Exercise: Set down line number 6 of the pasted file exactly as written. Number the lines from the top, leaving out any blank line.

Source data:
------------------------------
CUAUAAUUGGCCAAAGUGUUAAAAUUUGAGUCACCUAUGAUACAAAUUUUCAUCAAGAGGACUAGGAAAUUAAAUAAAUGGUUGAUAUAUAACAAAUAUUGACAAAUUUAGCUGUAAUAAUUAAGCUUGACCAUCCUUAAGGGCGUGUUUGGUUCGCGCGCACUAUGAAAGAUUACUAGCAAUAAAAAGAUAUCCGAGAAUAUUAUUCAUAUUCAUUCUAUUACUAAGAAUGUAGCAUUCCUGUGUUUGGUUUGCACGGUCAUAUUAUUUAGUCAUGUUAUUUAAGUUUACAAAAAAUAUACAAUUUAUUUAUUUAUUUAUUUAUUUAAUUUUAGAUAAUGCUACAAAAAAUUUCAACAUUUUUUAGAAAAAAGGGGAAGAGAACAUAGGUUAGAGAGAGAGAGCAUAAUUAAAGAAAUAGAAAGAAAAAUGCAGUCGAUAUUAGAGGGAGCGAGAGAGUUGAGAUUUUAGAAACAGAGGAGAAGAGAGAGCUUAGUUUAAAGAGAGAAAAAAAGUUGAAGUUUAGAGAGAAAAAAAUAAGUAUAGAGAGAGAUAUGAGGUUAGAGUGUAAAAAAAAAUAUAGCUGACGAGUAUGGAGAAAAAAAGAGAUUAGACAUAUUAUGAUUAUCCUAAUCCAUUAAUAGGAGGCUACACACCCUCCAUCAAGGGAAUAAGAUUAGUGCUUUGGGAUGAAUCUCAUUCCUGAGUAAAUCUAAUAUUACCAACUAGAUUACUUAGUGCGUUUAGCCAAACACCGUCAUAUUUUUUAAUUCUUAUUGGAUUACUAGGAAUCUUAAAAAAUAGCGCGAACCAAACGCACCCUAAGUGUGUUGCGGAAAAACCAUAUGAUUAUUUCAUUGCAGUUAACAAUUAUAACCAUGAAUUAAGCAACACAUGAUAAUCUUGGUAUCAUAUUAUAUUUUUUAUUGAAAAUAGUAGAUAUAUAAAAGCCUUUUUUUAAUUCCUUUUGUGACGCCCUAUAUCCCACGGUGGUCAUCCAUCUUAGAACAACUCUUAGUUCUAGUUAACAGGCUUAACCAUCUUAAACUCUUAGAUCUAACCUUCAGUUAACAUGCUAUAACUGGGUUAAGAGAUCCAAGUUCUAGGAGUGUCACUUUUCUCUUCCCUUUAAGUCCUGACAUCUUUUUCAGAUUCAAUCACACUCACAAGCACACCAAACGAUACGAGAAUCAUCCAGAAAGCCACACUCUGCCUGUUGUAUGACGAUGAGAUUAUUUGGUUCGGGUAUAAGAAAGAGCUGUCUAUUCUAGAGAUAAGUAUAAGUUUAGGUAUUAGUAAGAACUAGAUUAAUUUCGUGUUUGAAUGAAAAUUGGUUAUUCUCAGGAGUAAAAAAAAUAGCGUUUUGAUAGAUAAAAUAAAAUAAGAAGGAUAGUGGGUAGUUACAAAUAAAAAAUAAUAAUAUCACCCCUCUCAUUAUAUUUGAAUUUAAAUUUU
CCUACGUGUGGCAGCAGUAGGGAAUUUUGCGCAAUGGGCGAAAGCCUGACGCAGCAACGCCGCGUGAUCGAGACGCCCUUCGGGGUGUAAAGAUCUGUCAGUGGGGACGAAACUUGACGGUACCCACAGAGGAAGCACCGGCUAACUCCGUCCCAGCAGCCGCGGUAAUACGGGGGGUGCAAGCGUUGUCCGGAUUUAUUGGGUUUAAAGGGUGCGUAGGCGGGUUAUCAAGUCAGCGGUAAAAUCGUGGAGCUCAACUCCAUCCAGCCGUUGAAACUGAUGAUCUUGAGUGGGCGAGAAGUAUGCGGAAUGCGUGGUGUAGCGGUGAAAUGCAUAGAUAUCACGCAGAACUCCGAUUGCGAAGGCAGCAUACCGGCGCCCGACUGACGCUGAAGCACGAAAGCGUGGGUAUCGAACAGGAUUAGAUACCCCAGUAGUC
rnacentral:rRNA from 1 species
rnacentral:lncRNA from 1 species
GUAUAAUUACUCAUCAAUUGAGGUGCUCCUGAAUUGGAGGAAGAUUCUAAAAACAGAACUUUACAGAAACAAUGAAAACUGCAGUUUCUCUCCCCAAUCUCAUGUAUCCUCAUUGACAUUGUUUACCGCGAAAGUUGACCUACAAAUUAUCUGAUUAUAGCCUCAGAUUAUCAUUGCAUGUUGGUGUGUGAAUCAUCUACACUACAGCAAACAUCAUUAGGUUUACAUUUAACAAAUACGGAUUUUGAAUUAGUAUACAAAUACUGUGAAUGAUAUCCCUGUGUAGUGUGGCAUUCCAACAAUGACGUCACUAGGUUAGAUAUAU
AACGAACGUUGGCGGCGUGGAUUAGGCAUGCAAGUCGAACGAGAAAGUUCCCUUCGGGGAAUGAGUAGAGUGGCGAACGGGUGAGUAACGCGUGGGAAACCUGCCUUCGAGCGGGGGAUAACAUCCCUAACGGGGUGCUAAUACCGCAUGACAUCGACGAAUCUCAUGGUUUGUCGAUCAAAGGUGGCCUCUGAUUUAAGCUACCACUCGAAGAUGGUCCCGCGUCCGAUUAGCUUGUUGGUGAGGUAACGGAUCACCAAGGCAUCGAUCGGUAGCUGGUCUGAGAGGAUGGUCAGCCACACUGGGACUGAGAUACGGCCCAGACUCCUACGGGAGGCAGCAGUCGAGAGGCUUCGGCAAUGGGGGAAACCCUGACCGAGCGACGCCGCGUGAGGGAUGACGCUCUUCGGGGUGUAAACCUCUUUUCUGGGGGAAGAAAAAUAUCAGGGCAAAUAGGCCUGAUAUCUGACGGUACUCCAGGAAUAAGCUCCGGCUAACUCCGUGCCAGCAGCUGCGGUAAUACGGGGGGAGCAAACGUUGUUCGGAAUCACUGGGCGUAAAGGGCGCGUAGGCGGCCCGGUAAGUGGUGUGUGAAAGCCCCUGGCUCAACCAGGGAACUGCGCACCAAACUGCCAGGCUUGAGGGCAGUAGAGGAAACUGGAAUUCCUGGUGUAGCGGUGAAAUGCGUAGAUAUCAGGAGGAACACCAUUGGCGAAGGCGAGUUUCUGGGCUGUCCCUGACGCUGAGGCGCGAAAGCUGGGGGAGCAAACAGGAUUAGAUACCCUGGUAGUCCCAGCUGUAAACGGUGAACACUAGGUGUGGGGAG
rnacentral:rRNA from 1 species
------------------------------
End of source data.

AACGAACGUUGGCGGCGUGGAUUAGGCAUGCAAGUCGAACGAGAAAGUUCCCUUCGGGGAAUGAGUAGAGUGGCGAACGGGUGAGUAACGCGUGGGAAACCUGCCUUCGAGCGGGGGAUAACAUCCCUAACGGGGUGCUAAUACCGCAUGACAUCGACGAAUCUCAUGGUUUGUCGAUCAAAGGUGGCCUCUGAUUUAAGCUACCACUCGAAGAUGGUCCCGCGUCCGAUUAGCUUGUUGGUGAGGUAACGGAUCACCAAGGCAUCGAUCGGUAGCUGGUCUGAGAGGAUGGUCAGCCACACUGGGACUGAGAUACGGCCCAGACUCCUACGGGAGGCAGCAGUCGAGAGGCUUCGGCAAUGGGGGAAACCCUGACCGAGCGACGCCGCGUGAGGGAUGACGCUCUUCGGGGUGUAAACCUCUUUUCUGGGGGAAGAAAAAUAUCAGGGCAAAUAGGCCUGAUAUCUGACGGUACUCCAGGAAUAAGCUCCGGCUAACUCCGUGCCAGCAGCUGCGGUAAUACGGGGGGAGCAAACGUUGUUCGGAAUCACUGGGCGUAAAGGGCGCGUAGGCGGCCCGGUAAGUGGUGUGUGAAAGCCCCUGGCUCAACCAGGGAACUGCGCACCAAACUGCCAGGCUUGAGGGCAGUAGAGGAAACUGGAAUUCCUGGUGUAGCGGUGAAAUGCGUAGAUAUCAGGAGGAACACCAUUGGCGAAGGCGAGUUUCUGGGCUGUCCCUGACGCUGAGGCGCGAAAGCUGGGGGAGCAAACAGGAUUAGAUACCCUGGUAGUCCCAGCUGUAAACGGUGAACACUAGGUGUGGGGAG